The first reviews are out for Chris Nolan’s newest film “Inception” and rarely have a summer blockbuster’s praises been sung so sweetly.
A sci-fi intellectual thriller, the movie follows the trials of Dom Cobb, played by Leonardo DiCaprio, a “dream extractor,” whose day job takes him to the most dangerous place on earth, the human subconscious. Under normal conditions, Cobb and his dream-team venture into the sleeping brains of important corporate players, who harbor valuable secrets that cannot be otherwise obtained. However, the real action begins when Cobb attempts the inverse of his practiced art: the planting of an idea within the mind, rather than the unearthing of one. i.e., inception. The movie boasts the most impressive lineup that money can buy, with supporting roles for stars such as Ellen Page, Joseph Gordon Levitt, Marion Cotillard, and Michael Caine, and financial carte-blanche for the director of “The Dark Knight.” According to reviewers across the board (thus far,) the effects are nothing less than Hollywood on fire.
Justin Chang, writing for Variety said, “Availing himself of the resources that come with a studio’s confidence, Nolan places mind-bending visual effects and a top-flight cast in service of a boldly cerebral vision that demands, and rewards, the utmost attention. Even when its ambition occasionally outstrips its execution, “Inception” tosses off more ideas and fires on more cylinders than most blockbusters would have the nerve to attempt.”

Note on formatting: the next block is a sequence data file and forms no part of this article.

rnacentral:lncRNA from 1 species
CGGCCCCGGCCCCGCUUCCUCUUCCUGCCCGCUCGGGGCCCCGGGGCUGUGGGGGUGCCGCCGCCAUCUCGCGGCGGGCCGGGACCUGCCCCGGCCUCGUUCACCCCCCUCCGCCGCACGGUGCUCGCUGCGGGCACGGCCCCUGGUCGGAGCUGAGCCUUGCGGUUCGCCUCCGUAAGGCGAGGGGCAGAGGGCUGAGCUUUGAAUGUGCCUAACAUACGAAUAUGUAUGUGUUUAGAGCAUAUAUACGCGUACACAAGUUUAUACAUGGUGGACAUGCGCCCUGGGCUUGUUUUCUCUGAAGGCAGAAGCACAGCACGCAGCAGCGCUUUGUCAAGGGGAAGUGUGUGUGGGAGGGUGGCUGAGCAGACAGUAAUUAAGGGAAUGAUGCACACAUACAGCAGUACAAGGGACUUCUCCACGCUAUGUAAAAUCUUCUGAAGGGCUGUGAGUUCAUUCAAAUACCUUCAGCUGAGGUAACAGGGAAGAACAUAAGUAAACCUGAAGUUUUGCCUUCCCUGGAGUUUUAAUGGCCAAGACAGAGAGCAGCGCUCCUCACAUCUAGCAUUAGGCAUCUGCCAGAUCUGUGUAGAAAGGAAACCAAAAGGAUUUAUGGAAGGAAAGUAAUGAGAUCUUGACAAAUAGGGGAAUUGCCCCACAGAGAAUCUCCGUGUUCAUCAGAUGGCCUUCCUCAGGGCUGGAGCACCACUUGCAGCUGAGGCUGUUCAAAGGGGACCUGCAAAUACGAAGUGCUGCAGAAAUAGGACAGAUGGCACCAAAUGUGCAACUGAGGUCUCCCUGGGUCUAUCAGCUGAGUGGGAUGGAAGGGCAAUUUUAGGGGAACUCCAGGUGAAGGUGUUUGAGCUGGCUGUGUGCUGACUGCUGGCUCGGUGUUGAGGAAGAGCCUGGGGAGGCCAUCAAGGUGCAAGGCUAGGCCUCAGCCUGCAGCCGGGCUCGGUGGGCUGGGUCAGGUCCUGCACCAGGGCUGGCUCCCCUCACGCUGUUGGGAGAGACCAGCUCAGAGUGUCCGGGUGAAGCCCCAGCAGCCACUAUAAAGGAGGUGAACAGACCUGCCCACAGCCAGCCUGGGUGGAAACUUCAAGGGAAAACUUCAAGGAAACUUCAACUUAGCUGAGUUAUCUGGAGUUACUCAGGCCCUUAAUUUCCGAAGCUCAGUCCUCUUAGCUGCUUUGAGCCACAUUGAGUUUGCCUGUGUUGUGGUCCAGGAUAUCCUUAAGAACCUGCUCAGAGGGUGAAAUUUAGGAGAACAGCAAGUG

Similarly, Cinematical’s Todd Gilchrist noted, “Nolan, working with the sort of confidence (not to mention free financial reign) that comes from making a studio a mint on one’s previous picture, crafts an amazingly sophisticated, subversive, thoughtful, and even occasionally confusing (albeit in only good ways) tale about the layers of reality in the mind that calcify and crumble when constructed from the raw materials of memory and emotion.”
Kristopher Tapley also commended Nolan’s directorial feat, while calling attention to the other cherry-picked production artists responsible for the intricately crafted final product: “Care like this makes a journey worth taking as Nolan weaves something close to a participatory narrative for the audience to experience rather than observe, all leading to a brave final image that will surely leave audiences discussing an array of implications. But while the director deserves plenty of credit for his dense vision, the department heads he’s recruited will hopefully not become unsung heroes of the piece.”
Anne Thompson’s review echoes the call for the ensemble’s recognition, and calls the film a surefire Oscar contender in diverse categories: “When it opens July 16, this eye-popping film will wow moviegoers all over the world – its complexities will only encourage debate and repeat viewings – and should also score well with critics and year-end awards groups. Oscar nominations in technical categories are a certainty, but ‘Inception’ is also a strong contender for multiple nominations, including Best Picture.”